Have you ever felt nervous before a presentation? You are not alone. It happens to the best of us. According to the American Institute of Mental Health, around 72% of people suffer from glossophobia, or the fear of public speaking.
It gets worse.
Remember that joke on Seinfeld? If you go to a funeral, you’d be better off in the casket than doing the eulogy.
It turns out, that may not be entirely false. When researchers interviewed participants on their top fears, speaking in public actually came before death.
The good news is, that there is always a way to overcome your greatest fears (yes, even public speaking)! Below you will find three effective techniques that I practice with my clients before their big moments.
1) Redefine the Fear
Did you know that the fear is really a surge of adrenaline, and is therefore a good thing? When we are faced with having to speak in front of a crowd, the adrenaline starts flowing. It is the hormone responsible for fight or flight syndrome. Yes, it does come with its fair share of aggravating symptoms like a dry mouth, shaky knees, and clammy palms. However, it also drives your brain to work faster and makes you more energetic. And that’s not a bad thing. Therefore, focus on the great things that the adrenaline rush is bringing you. I guarantee you will start to think differently about those sweaty palms.
2) Practice, practice, practice. A lot.
In my last article, How to rehearse for your next presentation, you will find the most effective techniques for rehearsal. Practice is one of the best ways to tackle your nerves. When you do the same thing many times, it automatically sends a signal to your brain. Your brain becomes conditioned to perceive it as second nature.
A study conducted at Harvard University demonstrated the power of visualization: Two groups of participants were presented with a piece of unfamiliar piano music. One group received a keyboard and was told to practice. The second group was instructed to only read the music and imagine playing it. When their brain activity was assessed, both groups showed expansion in the motor cortex, even though the second group had never touched a keyboard.
Visualization is a valuable mental rehearsal tool that peak sports performers use regularly. Einstein had once said, “Imagination is more important than knowledge.” In fact, Einstein’s use of this strategic technique certainly had a role in his remarkable discoveries. Take advantage of this tool and picture yourself successfully delivering your presentation. Concentrate on all the positives of your presentation. Visualize the talk, in detail, starting with your introduction and ending with the conclusion.
Many people often seem more afraid of speaking than they are of heights, jumping out of a plane – even the dreaded in-laws. However, there is a Japanese proverb that says, “Fear is only as deep as the mind allows.” Replace the time you spend on worrying about the presentation with visualization, rehearsal, and redefining the fear. Then go out there and win them over!
Below I will leave you with one of my favourite passages from Life of Pi. It is by far the most precise description of fear I have ever come across. It will certainly give you a new perspective.
I must say a word about fear. It is life’s only true opponent. Only fear can defeat life. It is a clever, treacherous adversary, how well I know it. It has no decency, respects or law or convention, shows no mercy. It goes for your weakest spot, which it finds with unerring ease. It begins in your mind, always. One moment you are feeling calm, self-possessed, happy – then fear, disguised in the garb of mild-mannered doubt, slips into your mind like a spy. Doubt meets disbelief and disbelief tries to push it out. But disbelief is a poorly armed foot soldier. Doubt does away with it with little trouble. You become anxious. Reason comes to do battle for you. Your reason is fully equipped with the latest weapons’ technology. But, to your amazement, despite superior tactics and a number of undeniable victories, reason is laid low. You feel yourself weakening, wavering. Your anxiety becomes dread.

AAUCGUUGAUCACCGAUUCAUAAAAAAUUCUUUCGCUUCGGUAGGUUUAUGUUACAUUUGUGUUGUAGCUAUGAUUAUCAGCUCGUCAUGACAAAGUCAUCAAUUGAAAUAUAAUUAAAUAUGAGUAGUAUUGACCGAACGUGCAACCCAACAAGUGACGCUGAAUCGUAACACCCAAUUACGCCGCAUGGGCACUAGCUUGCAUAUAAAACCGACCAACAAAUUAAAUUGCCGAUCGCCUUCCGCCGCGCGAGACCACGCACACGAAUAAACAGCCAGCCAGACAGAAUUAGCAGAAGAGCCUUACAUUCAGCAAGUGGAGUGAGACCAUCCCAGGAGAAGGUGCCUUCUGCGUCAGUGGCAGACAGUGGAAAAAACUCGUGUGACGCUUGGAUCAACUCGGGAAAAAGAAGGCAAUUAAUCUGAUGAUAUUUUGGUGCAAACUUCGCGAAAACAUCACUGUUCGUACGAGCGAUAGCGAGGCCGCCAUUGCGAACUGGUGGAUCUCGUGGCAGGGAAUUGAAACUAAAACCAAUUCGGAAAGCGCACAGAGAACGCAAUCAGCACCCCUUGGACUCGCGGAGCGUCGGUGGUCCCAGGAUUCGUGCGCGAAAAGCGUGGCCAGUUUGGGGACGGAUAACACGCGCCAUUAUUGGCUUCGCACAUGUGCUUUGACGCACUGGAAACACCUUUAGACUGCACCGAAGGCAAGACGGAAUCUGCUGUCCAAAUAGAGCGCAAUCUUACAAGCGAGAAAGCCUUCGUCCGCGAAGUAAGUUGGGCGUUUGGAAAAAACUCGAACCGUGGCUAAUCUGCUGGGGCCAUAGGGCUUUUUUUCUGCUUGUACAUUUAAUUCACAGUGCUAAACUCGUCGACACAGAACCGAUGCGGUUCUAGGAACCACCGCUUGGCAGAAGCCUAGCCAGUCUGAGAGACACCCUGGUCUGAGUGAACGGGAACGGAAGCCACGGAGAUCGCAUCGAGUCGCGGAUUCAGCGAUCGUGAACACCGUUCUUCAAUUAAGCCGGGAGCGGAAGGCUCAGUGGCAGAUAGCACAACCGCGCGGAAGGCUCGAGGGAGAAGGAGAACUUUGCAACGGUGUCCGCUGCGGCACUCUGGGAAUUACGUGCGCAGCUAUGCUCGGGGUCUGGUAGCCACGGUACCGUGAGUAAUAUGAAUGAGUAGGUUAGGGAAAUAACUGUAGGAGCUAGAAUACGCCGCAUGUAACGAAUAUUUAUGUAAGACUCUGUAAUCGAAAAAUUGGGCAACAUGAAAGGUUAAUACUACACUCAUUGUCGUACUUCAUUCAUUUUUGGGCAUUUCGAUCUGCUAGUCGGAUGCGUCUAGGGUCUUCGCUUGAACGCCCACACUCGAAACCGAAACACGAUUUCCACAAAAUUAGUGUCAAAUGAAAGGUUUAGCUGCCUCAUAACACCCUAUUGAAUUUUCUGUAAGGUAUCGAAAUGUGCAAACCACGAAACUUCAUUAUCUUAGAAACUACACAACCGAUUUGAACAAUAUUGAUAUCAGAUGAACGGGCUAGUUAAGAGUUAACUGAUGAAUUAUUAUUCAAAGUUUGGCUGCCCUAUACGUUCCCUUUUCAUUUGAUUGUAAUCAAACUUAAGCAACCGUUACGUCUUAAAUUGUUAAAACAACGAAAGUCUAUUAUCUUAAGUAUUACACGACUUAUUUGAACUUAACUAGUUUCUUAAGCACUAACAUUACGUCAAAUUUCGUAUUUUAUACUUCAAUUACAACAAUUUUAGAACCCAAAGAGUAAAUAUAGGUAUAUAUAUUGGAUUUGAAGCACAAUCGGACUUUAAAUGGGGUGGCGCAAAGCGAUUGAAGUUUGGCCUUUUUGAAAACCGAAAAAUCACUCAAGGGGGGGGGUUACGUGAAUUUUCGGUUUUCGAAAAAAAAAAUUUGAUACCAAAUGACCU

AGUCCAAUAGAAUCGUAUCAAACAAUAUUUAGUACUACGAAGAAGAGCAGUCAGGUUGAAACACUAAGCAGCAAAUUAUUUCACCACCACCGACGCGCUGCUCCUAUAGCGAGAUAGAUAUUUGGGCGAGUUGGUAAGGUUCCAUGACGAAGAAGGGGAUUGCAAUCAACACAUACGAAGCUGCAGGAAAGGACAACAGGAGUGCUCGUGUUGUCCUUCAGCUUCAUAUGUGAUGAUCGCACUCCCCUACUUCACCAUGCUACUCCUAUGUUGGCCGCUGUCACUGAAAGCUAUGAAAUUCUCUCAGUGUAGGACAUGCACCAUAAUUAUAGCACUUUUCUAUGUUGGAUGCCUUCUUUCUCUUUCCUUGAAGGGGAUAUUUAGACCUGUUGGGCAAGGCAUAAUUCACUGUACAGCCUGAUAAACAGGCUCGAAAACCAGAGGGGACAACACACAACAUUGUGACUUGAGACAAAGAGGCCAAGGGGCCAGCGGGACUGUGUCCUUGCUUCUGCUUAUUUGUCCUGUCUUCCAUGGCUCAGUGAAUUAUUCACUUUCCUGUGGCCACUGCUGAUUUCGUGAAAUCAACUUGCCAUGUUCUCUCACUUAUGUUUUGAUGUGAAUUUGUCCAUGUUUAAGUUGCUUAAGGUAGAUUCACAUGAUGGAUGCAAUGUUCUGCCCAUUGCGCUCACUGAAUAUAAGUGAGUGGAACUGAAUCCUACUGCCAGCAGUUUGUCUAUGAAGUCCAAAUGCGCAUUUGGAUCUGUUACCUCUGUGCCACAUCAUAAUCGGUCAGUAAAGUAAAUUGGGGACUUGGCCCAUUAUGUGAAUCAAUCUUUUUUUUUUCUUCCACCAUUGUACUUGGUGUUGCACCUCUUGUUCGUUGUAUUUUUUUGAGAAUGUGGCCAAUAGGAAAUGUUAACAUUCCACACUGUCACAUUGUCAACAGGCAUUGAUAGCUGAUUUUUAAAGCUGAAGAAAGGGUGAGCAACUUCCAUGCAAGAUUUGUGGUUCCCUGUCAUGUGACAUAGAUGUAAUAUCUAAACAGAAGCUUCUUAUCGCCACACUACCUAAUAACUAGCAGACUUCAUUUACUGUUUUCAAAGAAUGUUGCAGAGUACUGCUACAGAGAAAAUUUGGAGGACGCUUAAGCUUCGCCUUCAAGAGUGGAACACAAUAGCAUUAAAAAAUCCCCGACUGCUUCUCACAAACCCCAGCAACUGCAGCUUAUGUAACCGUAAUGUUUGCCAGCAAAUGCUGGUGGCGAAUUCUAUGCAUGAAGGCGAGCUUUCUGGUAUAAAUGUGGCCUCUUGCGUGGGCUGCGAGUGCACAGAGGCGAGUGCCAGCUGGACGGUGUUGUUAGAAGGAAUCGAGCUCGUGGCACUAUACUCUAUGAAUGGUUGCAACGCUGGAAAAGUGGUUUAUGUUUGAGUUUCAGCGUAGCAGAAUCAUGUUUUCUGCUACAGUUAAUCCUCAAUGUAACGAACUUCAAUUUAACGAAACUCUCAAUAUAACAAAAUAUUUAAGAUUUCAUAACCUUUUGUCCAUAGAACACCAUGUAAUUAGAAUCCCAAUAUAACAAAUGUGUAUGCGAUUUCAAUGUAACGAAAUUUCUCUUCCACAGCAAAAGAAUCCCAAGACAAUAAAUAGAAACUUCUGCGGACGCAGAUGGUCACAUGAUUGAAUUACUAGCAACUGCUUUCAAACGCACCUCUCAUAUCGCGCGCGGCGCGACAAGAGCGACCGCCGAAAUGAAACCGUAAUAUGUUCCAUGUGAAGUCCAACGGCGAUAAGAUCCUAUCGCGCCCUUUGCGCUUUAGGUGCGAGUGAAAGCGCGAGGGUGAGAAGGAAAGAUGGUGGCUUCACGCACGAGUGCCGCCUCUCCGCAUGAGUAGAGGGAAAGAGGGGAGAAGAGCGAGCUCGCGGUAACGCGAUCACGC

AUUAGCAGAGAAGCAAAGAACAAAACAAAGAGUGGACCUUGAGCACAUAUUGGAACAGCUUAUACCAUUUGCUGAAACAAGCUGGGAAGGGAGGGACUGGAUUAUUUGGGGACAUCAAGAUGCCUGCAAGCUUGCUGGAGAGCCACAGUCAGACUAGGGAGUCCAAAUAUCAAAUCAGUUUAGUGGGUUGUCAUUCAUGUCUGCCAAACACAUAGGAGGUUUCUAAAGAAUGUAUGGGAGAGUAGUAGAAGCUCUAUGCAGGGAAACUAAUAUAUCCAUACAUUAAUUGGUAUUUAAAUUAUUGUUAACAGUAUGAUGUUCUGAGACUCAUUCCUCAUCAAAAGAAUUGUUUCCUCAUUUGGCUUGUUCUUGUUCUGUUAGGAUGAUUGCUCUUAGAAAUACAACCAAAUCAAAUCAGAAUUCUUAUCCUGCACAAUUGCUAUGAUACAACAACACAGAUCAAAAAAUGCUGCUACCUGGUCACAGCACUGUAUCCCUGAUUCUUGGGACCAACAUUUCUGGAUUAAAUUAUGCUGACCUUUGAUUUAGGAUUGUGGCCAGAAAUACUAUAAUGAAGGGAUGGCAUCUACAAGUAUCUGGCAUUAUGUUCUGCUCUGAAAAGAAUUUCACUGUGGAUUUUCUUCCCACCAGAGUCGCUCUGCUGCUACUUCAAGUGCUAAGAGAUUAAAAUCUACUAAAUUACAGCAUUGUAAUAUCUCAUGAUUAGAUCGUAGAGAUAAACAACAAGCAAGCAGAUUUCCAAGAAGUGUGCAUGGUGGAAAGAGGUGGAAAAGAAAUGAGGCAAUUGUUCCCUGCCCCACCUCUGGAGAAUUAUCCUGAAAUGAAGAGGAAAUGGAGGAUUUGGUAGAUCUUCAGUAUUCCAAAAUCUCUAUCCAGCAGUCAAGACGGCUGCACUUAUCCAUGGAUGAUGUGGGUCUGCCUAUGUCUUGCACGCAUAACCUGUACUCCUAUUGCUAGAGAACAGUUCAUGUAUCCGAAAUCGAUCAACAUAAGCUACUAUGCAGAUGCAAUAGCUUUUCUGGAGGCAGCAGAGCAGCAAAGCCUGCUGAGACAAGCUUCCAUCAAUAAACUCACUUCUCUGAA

Fear next turns fully to your body, which is already aware that something terribly wrong is going on. Already your lungs have flown away like a bird and your guts have slithered away like a snake. Now your tongue drops dead like an opossum, while your jaw begins to gallop on the spot. Your ears go deaf. Your muscles begin to shiver as if they had malaria and your knees to shake as though they were dancing. Your heart strains too hard, while your sphincter relaxes too much. And so with the rest of your body. Every part of you, in the manner most suited to it, falls apart. Only your eyes work well. They always pay proper attention to fear.
Quickly you make rash decisions. You dismiss your last allies: hope and trust. There, you’ve defeated yourself. Fear, which is but an impression, has triumphed over you.
The matter is difficult to put into words. For fear, real fear, such as shakes you to your foundation, such as you feel when you are brought face to face with your mortal end, nestles in your memory like a gangrene; it seeks to rot everything, even the words with which to speak of it. So you must fight hard to express it. You must fight hard to shine the light of words upon it. Because if you don’t, if your fear becomes a wordless darkness that you avoid, perhaps even manage to forget, you open yourself to further attacks of fear because you never truly fought the opponent who defeated you.
It was Richard Parker who calmed me down. It is the irony of this story that the one who scared me witless to start with was the very same who brought me peace, purpose, I dare even say wholeness.